Note that only one geometry can be used at the same time. If you want to compute different escape fractions ( or line profiles ) for different configurations you will need to call LyaRT;Grid once per geometry.

These examples show how the 'Thin_Shell' and 'Galactic_Wind' geometries work. These geometries have spherical symmetry so there is no Line of Sight (LoS) dependence in the output escape fraction or line profile. However, LyaRT;Grid implements a non-spherical-symmetric geometry, the 'Bicone_X_Slab' geometry (for details, again, we refer you to the presentation letter). In this particular geometry the escape fraction (and line profile) depends on the LoS. In particular, if you observed face-on (throught the biconical outflow) the optical depth is lower than observeing edge-on (through the static dense slab).

In order to tell LyaRT;Grid the orientation of observation ( edge-on or face-on ) the user needs to provide anther varible when calling the code: Inside_Bicone_Arr. If this is not given it is assumed that it's always observed face-on. This variable has to be a boolean array with the same size as V_Arr , logNH_Arr ot ta_Arr. Additionally, the aperture angle of the bicone is 45deg, so to produce a set of escape fractions with random orientations in the biconenical geometry you should use:

import numpy as np

Geometry = 'Bicone_X_Slab'

Area_in_bicone = 1. - np.cos( np.pi/4. ) # the apperture angle is pi/4

Inside_Bicone_Arr = np.random.rand( len(V_Arr) ) < Area_in_bicone

f_esc_Arr = Lya.RT_f_esc( Geometry , V_Arr , logNH_Arr , ta_Arr , Inside_Bicone_Arr=Inside_Bicone_Arr ) 

Deeper options on predicting the escape fraction (Unuseful section?).

There are many algorithims implemented to compute f_esc_Arr. By default LyaRT;Grid uses a machine learning decision tree regressor and a parametric equation for the escape fraction as function of the dust optical depth (Go to the LyaRT;Grid presentation paper Gurung-Lopez et al. in prep for more information). These settings were chosen as default since they give the best performance. However the user might want to change the computing algorithm so here leave a guide with all the available options.

  • MODE variable refers to mode in which the escape fraction is computed. There are 3 ways in which LyaRT;Grid can compute this. i) 'Raw' Using the raw data from the RTMC (Orsi et al. 2012). ii) 'Parametrization' Assume a parametric equation between the escape fraction and the dust optical depth that allows to extend calculations outside the grid with the highest accuracy (in LyaRT;Grid). iii) 'Analytic' Use of the recalibrated analytic equations presented by Gurung-Lopez et al. 2018. Note that the analytic mode is not enabled in the bicone geometry although it is in the 'Thin_Shel' and 'Galactic_Wind'

  • Algorithm varible determines the technique used. This can be i) 'Intrepolation': lineal interpoation is used. ii) 'Machine_Learning' machine learning is used. To determine which machine learning algorithm you would like to use please, provide the variable Machine_Learning_Algorithm. The machine learning algorithms implemented are Decision tree regressor ('Tree'), Random forest regressor ('Forest') and KN regressor ('KN'). The machine learning is implemented by Sci-kit-learn, please, visit their webside for more information (http://scikit-learn.org/stable/).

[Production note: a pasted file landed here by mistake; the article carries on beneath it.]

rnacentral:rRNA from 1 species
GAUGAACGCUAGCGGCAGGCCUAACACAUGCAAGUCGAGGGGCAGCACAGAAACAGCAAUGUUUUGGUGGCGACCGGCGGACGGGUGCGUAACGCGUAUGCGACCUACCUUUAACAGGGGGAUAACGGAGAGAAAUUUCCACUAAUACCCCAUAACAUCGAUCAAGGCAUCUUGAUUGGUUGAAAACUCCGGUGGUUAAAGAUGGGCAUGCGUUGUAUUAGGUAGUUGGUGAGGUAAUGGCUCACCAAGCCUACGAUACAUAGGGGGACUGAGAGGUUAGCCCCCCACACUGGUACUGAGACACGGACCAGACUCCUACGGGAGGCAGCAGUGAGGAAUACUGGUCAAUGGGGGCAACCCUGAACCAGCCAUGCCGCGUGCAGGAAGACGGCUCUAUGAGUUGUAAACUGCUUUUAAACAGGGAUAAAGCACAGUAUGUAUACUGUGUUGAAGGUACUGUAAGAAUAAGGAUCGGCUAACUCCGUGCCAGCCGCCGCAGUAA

MODE = 'Raw' # Other : 'Parametrization' , 'Analytic'

Algorithm = 'Intrepolation' # Other : 'Machine_Learning'

Machine_Learning_Algorithm = 'KN' # Other 'Tree' , 'Forest'

f_esc_Arr = Lya.RT_f_esc( Geometry , V_Arr , logNH_Arr , ta_Arr , MODE=MODE ) 

Finally, any combination of MODE , Algorithm and Machine_Learning_Algorithm is allowed. However, note that the variable Machine_Learning_Algorithm is useless if Algorithm='Intrepolation'.

Predicting thousands of Lyman alpha escape fractions.

In this section we explain how to obtain in a fast way an arbitray number of Lyman alpha line porfiles. The syntax is very similar to the one of escape fraction functions. The main difference is that the user must provide a wavelength array (in meters) where the line profile will be evaluated. The line profile of a thin shell outfow with expansion velocity (V) 200 km/s, logarithmic of column density (logNH) of 19.5 and dust optical depth (ta) of 0.1 in 20 amstrongs arround Lyman alpha can be computed as

wavelength_Arr = np.linspace( 1215.68 - 20 , 1215.68 + 20 , 1000 ) * 1e-10 # meters, please!

Line_profile_Arr = Lya.RT_Line_Profile( 'Thin_Shell' , wavelength_Arr , [ 200 ] , [ 19.5 ] , [ 0.1 ] )

As in the case of the escape fraction, in order to compute multiple line profiles at the same time just make

wavelength_Arr = np.linspace( 1215.68 - 20 , 1215.68 + 20 , 1000 ) * 1e-10 # meters, please!

V_Arr     = [  200 ,  300 , 400   ] # Expansion velocity array in km/s

logNH_Arr = [ 19.5 , 20.0 , 20.5  ] # Logarithmic of column densities array in cm**-2

ta_Arr    = [  0.1 , 0.01 , 0.001 ] # Dust optical depth Array

Line_profile_Arr = Lya.RT_Line_Profile( 'Thin_Shell' , wavelength_Arr , V_Arr , logNH_Arr , ta_Arr )

In this case, Line_profile_Arr is an array with shape (3,1000) that contains the computed line profiles. In particular Line_profile_Arr[i,:] is the line profile evaluated in wavelength_Arr computed with V_Arr[i] , logNH_Arr[i] and ta_Arr[i].

The other geometries ('Galactic_Wind' or 'Bicone_X_Slab') are also implemented. In particular, in the biconical geometry it is also possible to chose a line of sight observations. This is implemented in the same way as in the escape fraction.

In opposite to escape fraction calculations, the line profile only supports by now linear interpolation between the pre-computed grids. Machine learning or deep learning might be implement in a future.

Project details